Interestingly most American Muslims are not from the Arab world. The official 2000 US census tabulated the ancestries of Americans. The two nation that have provided the largest number of Muslim immigrants to America are Iran, 338,266 and Pakistan, 253,193. Third place would probably go to India, whose 1,546,703 tally includes a portion (roughly estimated at 15 percent) who are Muslim.
 
According to the Pew study, 35 percent of American Muslims are native black Muslims. Muslims from predominately Arab countries represent only about a quarter of  American Muslims.

The population figure raises other questions associated with how domestic considerations bear upon American policy in the Middle East. Since President Obama chose to address the Muslim world in the Middle East, it is also worth scrutinizing the identities of Americans whose origins are from the region. According to the census, the cumulative number of Americans who trace some part of their ancestry to Arab states is 1.2 million. But the vast majority of these people are descendants of Christian minorities, not Muslims.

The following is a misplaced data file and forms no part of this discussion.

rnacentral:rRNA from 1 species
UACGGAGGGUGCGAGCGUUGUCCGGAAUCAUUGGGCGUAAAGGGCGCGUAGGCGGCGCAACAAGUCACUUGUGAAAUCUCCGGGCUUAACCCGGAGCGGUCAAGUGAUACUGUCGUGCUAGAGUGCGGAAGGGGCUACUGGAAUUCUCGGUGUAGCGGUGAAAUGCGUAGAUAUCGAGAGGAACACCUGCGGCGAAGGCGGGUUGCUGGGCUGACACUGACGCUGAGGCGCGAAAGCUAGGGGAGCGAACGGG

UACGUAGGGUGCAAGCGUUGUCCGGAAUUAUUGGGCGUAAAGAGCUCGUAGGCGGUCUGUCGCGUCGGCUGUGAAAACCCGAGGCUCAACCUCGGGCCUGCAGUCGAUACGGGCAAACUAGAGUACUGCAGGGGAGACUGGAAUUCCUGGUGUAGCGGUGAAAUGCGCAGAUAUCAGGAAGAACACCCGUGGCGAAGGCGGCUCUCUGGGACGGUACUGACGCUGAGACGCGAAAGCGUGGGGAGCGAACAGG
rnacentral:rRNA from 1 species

country

Arab ancestry

Arab ancestry alone or in combination with another

Lebanon

244,525

440279

Egyptian

123,489

142,832

Syrian

75,517

142,897

Palestinian

61,691

72,112

Jordanian

36,104

39,734

Moroccan

30,352

38,923

Iraqi

29,429

37,714

Arab - non specified

167,166

205,822

Arab - other countries*

81,754

82,337

* This includes 10,750 who put down "non-Arab" and 28,400 who identified themselves as "Middle Eastern."

The vast majority of immigrants from the three Arab states that have the most descendants in America are Christians.
• Most immigrants from Syria were members of Assyrian, Chaldean or Greek Orthodox churches.
 
• A large portion, probably the majority, of Americans of Egyptian descent are Coptic Christians.